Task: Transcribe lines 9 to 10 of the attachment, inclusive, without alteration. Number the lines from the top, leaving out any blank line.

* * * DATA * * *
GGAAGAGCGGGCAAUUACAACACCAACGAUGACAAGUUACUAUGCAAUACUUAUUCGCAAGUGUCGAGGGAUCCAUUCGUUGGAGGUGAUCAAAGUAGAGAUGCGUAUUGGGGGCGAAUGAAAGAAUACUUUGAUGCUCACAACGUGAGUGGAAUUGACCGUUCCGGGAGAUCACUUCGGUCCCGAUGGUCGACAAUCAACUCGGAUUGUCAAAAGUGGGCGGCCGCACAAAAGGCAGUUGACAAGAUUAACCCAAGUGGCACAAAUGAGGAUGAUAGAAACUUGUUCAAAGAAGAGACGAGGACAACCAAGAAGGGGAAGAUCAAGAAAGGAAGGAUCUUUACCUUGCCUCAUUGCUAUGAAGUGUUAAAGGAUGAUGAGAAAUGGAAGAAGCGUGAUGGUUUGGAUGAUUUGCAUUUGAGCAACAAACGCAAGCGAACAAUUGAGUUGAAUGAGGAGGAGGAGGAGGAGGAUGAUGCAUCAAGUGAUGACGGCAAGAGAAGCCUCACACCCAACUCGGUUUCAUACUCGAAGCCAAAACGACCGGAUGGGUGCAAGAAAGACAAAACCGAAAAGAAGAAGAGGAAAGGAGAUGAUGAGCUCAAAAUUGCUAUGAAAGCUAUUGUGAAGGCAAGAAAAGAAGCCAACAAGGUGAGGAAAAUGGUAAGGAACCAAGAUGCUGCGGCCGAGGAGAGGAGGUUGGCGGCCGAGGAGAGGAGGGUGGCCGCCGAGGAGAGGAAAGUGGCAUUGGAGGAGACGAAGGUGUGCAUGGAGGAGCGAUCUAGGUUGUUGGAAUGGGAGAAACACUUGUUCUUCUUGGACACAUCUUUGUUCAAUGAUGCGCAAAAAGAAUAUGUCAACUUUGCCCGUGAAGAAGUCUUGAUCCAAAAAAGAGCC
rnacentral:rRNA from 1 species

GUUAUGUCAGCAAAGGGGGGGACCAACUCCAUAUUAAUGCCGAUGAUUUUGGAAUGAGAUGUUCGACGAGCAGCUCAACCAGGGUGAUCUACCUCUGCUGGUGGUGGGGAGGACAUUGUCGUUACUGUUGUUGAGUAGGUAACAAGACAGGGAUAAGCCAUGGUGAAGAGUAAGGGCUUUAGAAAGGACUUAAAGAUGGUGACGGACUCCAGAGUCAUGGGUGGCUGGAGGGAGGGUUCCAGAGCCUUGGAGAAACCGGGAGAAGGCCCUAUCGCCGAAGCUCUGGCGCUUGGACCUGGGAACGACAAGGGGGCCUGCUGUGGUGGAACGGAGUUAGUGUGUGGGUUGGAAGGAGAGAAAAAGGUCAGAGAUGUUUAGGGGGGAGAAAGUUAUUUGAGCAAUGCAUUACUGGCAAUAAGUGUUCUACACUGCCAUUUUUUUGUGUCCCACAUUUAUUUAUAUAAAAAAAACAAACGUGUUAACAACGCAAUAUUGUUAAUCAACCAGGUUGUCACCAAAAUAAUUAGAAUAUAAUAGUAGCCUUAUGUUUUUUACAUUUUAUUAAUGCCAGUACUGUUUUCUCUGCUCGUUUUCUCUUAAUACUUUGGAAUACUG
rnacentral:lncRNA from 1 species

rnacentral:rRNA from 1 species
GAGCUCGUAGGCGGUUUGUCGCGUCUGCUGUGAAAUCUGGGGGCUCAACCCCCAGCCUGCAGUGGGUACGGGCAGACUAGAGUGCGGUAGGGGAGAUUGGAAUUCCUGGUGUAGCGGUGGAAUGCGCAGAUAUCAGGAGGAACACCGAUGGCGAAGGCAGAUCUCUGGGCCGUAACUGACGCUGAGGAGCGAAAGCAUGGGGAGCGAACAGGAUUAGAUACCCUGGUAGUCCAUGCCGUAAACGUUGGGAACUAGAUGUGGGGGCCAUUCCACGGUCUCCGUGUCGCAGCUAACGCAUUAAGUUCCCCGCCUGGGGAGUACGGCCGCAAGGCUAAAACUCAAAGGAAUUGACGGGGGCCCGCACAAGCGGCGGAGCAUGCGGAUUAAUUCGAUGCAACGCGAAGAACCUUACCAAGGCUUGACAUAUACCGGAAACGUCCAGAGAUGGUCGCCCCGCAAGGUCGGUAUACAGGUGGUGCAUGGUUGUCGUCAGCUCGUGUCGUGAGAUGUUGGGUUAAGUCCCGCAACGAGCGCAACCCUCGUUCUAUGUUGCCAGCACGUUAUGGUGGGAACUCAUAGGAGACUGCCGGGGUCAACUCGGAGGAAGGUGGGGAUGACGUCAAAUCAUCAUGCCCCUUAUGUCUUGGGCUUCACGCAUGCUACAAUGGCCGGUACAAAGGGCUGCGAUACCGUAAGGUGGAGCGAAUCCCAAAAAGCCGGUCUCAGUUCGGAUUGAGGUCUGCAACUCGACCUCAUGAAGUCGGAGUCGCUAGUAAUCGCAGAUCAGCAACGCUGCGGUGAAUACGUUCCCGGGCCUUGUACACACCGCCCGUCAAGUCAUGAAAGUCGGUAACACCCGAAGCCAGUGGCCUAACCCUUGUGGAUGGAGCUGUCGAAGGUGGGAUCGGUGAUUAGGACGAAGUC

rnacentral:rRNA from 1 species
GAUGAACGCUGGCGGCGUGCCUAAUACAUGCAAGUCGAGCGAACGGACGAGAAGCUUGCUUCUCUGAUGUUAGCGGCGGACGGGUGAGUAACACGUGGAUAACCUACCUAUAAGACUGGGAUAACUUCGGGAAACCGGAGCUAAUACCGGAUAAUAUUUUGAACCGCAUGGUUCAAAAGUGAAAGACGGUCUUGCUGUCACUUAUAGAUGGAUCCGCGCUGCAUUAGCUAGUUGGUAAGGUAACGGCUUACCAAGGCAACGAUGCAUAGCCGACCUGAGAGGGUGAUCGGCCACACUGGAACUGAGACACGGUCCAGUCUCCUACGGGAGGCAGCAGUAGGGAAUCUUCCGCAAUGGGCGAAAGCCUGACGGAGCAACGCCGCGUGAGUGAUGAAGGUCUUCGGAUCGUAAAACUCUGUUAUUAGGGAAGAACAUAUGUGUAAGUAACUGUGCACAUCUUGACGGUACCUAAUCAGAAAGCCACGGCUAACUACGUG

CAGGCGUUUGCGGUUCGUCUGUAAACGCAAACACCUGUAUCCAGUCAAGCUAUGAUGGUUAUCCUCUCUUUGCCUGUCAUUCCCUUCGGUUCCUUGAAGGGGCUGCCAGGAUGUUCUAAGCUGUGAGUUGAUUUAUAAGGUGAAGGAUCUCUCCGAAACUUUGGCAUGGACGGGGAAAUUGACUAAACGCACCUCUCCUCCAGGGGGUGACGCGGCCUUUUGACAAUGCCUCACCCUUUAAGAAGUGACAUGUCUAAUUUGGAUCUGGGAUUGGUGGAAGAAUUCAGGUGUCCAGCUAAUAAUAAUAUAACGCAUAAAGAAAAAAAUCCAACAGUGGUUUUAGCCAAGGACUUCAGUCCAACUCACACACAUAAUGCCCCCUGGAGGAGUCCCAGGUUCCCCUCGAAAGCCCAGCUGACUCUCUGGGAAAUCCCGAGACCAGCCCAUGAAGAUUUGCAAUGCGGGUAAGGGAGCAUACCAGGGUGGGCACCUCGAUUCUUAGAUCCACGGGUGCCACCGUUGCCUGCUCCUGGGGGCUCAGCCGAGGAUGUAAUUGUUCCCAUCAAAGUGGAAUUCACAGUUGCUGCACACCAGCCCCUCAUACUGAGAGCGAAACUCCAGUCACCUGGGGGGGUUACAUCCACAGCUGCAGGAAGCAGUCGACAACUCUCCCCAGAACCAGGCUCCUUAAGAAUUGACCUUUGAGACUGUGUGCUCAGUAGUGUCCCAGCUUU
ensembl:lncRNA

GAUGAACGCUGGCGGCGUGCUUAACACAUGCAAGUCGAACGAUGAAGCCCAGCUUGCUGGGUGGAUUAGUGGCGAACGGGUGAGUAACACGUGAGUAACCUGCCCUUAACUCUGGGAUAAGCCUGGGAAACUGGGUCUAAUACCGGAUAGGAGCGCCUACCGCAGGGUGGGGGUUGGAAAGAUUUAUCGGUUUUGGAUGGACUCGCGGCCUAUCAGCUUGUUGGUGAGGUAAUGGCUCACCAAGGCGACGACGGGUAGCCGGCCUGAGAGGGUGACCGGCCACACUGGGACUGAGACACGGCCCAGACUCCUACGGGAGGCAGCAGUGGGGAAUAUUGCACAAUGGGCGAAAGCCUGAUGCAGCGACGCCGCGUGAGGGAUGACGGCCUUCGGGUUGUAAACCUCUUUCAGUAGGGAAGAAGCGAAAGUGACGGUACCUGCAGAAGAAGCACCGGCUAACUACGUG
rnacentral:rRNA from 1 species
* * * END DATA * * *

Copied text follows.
CAGGCGUUUGCGGUUCGUCUGUAAACGCAAACACCUGUAUCCAGUCAAGCUAUGAUGGUUAUCCUCUCUUUGCCUGUCAUUCCCUUCGGUUCCUUGAAGGGGCUGCCAGGAUGUUCUAAGCUGUGAGUUGAUUUAUAAGGUGAAGGAUCUCUCCGAAACUUUGGCAUGGACGGGGAAAUUGACUAAACGCACCUCUCCUCCAGGGGGUGACGCGGCCUUUUGACAAUGCCUCACCCUUUAAGAAGUGACAUGUCUAAUUUGGAUCUGGGAUUGGUGGAAGAAUUCAGGUGUCCAGCUAAUAAUAAUAUAACGCAUAAAGAAAAAAAUCCAACAGUGGUUUUAGCCAAGGACUUCAGUCCAACUCACACACAUAAUGCCCCCUGGAGGAGUCCCAGGUUCCCCUCGAAAGCCCAGCUGACUCUCUGGGAAAUCCCGAGACCAGCCCAUGAAGAUUUGCAAUGCGGGUAAGGGAGCAUACCAGGGUGGGCACCUCGAUUCUUAGAUCCACGGGUGCCACCGUUGCCUGCUCCUGGGGGCUCAGCCGAGGAUGUAAUUGUUCCCAUCAAAGUGGAAUUCACAGUUGCUGCACACCAGCCCCUCAUACUGAGAGCGAAACUCCAGUCACCUGGGGGGGUUACAUCCACAGCUGCAGGAAGCAGUCGACAACUCUCCCCAGAACCAGGCUCCUUAAGAAUUGACCUUUGAGACUGUGUGCUCAGUAGUGUCCCAGCUUU
ensembl:lncRNA